[0001] This application is a non-provisional application which claims the benefit of the commonly owned copending provisional application entitled “EYEGLASS RETAINER”, filed Oct. 22, 2001, bearing U.S. Ser. No. 60/343,626 and naming Vincent J. Ghim, the named inventor herein, as sole inventor, the contents of which is specifically incorporated by reference herein in its entirety.

BACKGROUND OF THE INVENTION

[0002] 1. Technical Field

[0003] The present invention relates to eyeglass securing devices. In particular, it relates to a necklace device for securely retaining a pair of eyeglasses around the neck of a wearer in either an open or a closed configuration.

[0004] 2. Background

[0005] A large portion of the population carries eyeglasses with them for use when needed. Unfortunately, eyeglasses are easily lost or misplaced. As a result, retaining devices have been fabricated to allow individuals to secure the eyeglasses to themselves such that they do not have to worry about losing them. Typically these devices secured to the ends of eyeglasses such that their suspended from the neck of the wearer an open configuration. It would be desirable to have a method of retaining glasses such that they could not only be secured to a wearer in the open configuration, but also secured such that they are held in a closed configuration to avoid inadvertent damage to the glasses.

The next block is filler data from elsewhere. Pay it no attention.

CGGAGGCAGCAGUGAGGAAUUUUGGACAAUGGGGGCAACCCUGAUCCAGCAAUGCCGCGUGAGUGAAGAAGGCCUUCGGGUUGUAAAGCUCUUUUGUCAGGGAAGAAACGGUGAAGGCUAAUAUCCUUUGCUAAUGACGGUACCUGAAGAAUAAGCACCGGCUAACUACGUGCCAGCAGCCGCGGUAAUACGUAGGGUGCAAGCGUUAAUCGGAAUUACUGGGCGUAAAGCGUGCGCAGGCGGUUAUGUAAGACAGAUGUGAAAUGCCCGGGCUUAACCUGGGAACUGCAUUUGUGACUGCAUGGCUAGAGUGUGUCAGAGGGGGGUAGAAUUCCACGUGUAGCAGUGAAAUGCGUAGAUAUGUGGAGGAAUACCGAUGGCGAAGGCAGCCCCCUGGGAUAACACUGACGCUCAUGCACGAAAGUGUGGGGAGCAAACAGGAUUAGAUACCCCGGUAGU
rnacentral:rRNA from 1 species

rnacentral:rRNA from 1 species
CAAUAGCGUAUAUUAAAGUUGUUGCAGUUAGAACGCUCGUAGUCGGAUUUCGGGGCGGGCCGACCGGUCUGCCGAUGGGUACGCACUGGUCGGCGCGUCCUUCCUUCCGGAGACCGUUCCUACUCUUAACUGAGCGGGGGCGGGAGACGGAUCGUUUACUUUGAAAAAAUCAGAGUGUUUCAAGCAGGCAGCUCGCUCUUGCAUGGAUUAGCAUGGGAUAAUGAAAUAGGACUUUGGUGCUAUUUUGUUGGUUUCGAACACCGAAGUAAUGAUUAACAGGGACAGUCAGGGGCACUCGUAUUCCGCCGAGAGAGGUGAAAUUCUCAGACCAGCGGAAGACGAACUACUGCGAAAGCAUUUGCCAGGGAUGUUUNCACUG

[0006] Another problem associated with prior art retaining devices is that they do little to prevent loss of eyeglasses when individuals wear their glasses into water, such as one swimming. Many glasses are heavy enough to sink if dropped which makes them difficult if not impossible to retrieve. This can commonly happened when a prior art eyeglass retainer becomes disconnected from user who was wearing eyeglasses in water. When the eyeglasses fall from the user, the typically sink to the bottom. The would be desirable to have a method that would ensure that glasses will not sink when dropped into water.

[0007] While prior art has provided devices for holding eyeglasses and open configuration, it has not provided a single device which is capable of holding eyeglasses in an open configuration, holding eyeglasses and closed configuration, and further preventing loss of the eyeglasses in the event that the eyeglass holder disconnects and the eyeglasses inadvertently fall into water.

SUMMARY OF THE INVENTION

[0008] The present invention provides a multifunction device which can secure both ends of a neckless to the temples of a pair of eyeglasses such that the eyeglasses can be carried in an open configuration, or secure the ends of the necklace together and use a loop retainer to retain the eyeglasses in a closed configuration.